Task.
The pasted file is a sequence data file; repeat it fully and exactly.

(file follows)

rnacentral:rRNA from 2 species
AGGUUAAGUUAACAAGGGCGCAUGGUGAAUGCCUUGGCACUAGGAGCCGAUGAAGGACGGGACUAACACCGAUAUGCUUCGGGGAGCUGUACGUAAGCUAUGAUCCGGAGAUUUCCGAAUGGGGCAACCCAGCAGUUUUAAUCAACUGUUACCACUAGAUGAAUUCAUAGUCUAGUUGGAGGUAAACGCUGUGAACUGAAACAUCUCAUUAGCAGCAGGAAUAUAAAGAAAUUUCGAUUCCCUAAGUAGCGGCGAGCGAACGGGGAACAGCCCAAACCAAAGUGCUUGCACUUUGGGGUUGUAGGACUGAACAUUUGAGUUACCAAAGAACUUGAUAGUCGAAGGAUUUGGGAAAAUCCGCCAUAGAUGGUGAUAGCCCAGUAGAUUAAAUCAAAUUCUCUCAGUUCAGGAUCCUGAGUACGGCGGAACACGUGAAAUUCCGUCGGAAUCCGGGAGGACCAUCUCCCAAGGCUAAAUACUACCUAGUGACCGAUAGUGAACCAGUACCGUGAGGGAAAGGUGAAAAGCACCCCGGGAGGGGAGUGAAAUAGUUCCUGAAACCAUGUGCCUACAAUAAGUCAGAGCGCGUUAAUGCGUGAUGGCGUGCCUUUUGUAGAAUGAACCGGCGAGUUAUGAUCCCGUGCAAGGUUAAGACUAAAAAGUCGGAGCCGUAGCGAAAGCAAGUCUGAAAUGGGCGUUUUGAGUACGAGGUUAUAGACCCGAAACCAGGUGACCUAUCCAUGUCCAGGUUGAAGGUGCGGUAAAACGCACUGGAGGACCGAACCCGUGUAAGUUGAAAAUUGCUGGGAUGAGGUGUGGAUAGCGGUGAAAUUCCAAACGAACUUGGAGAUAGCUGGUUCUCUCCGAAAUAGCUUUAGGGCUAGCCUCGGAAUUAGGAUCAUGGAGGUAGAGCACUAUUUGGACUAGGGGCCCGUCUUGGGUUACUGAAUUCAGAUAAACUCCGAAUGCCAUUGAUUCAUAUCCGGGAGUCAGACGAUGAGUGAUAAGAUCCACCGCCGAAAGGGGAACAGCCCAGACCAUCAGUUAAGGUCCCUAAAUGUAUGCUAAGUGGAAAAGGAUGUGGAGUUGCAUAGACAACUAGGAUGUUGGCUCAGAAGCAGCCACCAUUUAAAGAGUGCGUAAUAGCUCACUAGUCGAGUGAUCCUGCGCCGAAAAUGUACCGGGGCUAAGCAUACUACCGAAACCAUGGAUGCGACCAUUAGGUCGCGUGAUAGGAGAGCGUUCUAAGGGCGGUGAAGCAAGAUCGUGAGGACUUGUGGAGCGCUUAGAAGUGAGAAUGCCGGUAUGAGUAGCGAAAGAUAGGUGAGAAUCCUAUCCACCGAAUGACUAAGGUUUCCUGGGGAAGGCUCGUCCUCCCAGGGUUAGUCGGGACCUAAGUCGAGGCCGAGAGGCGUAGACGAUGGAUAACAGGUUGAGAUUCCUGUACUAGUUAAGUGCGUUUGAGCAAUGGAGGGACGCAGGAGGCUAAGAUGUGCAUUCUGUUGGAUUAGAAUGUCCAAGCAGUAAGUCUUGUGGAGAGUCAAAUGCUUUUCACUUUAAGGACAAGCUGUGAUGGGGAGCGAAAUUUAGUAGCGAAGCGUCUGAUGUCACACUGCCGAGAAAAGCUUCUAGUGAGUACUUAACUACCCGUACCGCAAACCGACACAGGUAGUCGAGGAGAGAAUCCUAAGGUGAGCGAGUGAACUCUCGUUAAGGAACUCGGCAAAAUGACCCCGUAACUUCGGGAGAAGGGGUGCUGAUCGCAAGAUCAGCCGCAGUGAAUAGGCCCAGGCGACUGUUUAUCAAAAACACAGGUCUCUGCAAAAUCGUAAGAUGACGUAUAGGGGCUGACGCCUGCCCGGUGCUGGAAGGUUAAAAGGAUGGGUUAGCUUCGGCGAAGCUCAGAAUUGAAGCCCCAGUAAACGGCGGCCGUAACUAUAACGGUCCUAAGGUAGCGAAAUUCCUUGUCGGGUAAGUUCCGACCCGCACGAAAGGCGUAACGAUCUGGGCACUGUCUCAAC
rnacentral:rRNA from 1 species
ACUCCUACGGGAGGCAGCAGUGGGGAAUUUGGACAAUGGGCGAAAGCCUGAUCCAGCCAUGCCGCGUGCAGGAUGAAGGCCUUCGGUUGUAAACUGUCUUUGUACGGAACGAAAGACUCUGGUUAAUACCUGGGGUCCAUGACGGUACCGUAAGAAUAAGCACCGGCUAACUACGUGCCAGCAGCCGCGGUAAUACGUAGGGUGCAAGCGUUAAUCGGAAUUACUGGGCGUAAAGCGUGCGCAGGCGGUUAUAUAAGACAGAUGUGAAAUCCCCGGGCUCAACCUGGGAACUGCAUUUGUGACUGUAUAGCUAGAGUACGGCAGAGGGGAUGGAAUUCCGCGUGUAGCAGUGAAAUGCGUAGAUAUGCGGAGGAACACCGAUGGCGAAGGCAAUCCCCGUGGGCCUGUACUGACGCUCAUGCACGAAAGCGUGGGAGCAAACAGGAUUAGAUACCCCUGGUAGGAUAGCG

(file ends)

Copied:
rnacentral:rRNA from 2 species
AGGUUAAGUUAACAAGGGCGCAUGGUGAAUGCCUUGGCACUAGGAGCCGAUGAAGGACGGGACUAACACCGAUAUGCUUCGGGGAGCUGUACGUAAGCUAUGAUCCGGAGAUUUCCGAAUGGGGCAACCCAGCAGUUUUAAUCAACUGUUACCACUAGAUGAAUUCAUAGUCUAGUUGGAGGUAAACGCUGUGAACUGAAACAUCUCAUUAGCAGCAGGAAUAUAAAGAAAUUUCGAUUCCCUAAGUAGCGGCGAGCGAACGGGGAACAGCCCAAACCAAAGUGCUUGCACUUUGGGGUUGUAGGACUGAACAUUUGAGUUACCAAAGAACUUGAUAGUCGAAGGAUUUGGGAAAAUCCGCCAUAGAUGGUGAUAGCCCAGUAGAUUAAAUCAAAUUCUCUCAGUUCAGGAUCCUGAGUACGGCGGAACACGUGAAAUUCCGUCGGAAUCCGGGAGGACCAUCUCCCAAGGCUAAAUACUACCUAGUGACCGAUAGUGAACCAGUACCGUGAGGGAAAGGUGAAAAGCACCCCGGGAGGGGAGUGAAAUAGUUCCUGAAACCAUGUGCCUACAAUAAGUCAGAGCGCGUUAAUGCGUGAUGGCGUGCCUUUUGUAGAAUGAACCGGCGAGUUAUGAUCCCGUGCAAGGUUAAGACUAAAAAGUCGGAGCCGUAGCGAAAGCAAGUCUGAAAUGGGCGUUUUGAGUACGAGGUUAUAGACCCGAAACCAGGUGACCUAUCCAUGUCCAGGUUGAAGGUGCGGUAAAACGCACUGGAGGACCGAACCCGUGUAAGUUGAAAAUUGCUGGGAUGAGGUGUGGAUAGCGGUGAAAUUCCAAACGAACUUGGAGAUAGCUGGUUCUCUCCGAAAUAGCUUUAGGGCUAGCCUCGGAAUUAGGAUCAUGGAGGUAGAGCACUAUUUGGACUAGGGGCCCGUCUUGGGUUACUGAAUUCAGAUAAACUCCGAAUGCCAUUGAUUCAUAUCCGGGAGUCAGACGAUGAGUGAUAAGAUCCACCGCCGAAAGGGGAACAGCCCAGACCAUCAGUUAAGGUCCCUAAAUGUAUGCUAAGUGGAAAAGGAUGUGGAGUUGCAUAGACAACUAGGAUGUUGGCUCAGAAGCAGCCACCAUUUAAAGAGUGCGUAAUAGCUCACUAGUCGAGUGAUCCUGCGCCGAAAAUGUACCGGGGCUAAGCAUACUACCGAAACCAUGGAUGCGACCAUUAGGUCGCGUGAUAGGAGAGCGUUCUAAGGGCGGUGAAGCAAGAUCGUGAGGACUUGUGGAGCGCUUAGAAGUGAGAAUGCCGGUAUGAGUAGCGAAAGAUAGGUGAGAAUCCUAUCCACCGAAUGACUAAGGUUUCCUGGGGAAGGCUCGUCCUCCCAGGGUUAGUCGGGACCUAAGUCGAGGCCGAGAGGCGUAGACGAUGGAUAACAGGUUGAGAUUCCUGUACUAGUUAAGUGCGUUUGAGCAAUGGAGGGACGCAGGAGGCUAAGAUGUGCAUUCUGUUGGAUUAGAAUGUCCAAGCAGUAAGUCUUGUGGAGAGUCAAAUGCUUUUCACUUUAAGGACAAGCUGUGAUGGGGAGCGAAAUUUAGUAGCGAAGCGUCUGAUGUCACACUGCCGAGAAAAGCUUCUAGUGAGUACUUAACUACCCGUACCGCAAACCGACACAGGUAGUCGAGGAGAGAAUCCUAAGGUGAGCGAGUGAACUCUCGUUAAGGAACUCGGCAAAAUGACCCCGUAACUUCGGGAGAAGGGGUGCUGAUCGCAAGAUCAGCCGCAGUGAAUAGGCCCAGGCGACUGUUUAUCAAAAACACAGGUCUCUGCAAAAUCGUAAGAUGACGUAUAGGGGCUGACGCCUGCCCGGUGCUGGAAGGUUAAAAGGAUGGGUUAGCUUCGGCGAAGCUCAGAAUUGAAGCCCCAGUAAACGGCGGCCGUAACUAUAACGGUCCUAAGGUAGCGAAAUUCCUUGUCGGGUAAGUUCCGACCCGCACGAAAGGCGUAACGAUCUGGGCACUGUCUCAAC
rnacentral:rRNA from 1 species
ACUCCUACGGGAGGCAGCAGUGGGGAAUUUGGACAAUGGGCGAAAGCCUGAUCCAGCCAUGCCGCGUGCAGGAUGAAGGCCUUCGGUUGUAAACUGUCUUUGUACGGAACGAAAGACUCUGGUUAAUACCUGGGGUCCAUGACGGUACCGUAAGAAUAAGCACCGGCUAACUACGUGCCAGCAGCCGCGGUAAUACGUAGGGUGCAAGCGUUAAUCGGAAUUACUGGGCGUAAAGCGUGCGCAGGCGGUUAUAUAAGACAGAUGUGAAAUCCCCGGGCUCAACCUGGGAACUGCAUUUGUGACUGUAUAGCUAGAGUACGGCAGAGGGGAUGGAAUUCCGCGUGUAGCAGUGAAAUGCGUAGAUAUGCGGAGGAACACCGAUGGCGAAGGCAAUCCCCGUGGGCCUGUACUGACGCUCAUGCACGAAAGCGUGGGAGCAAACAGGAUUAGAUACCCCUGGUAGGAUAGCG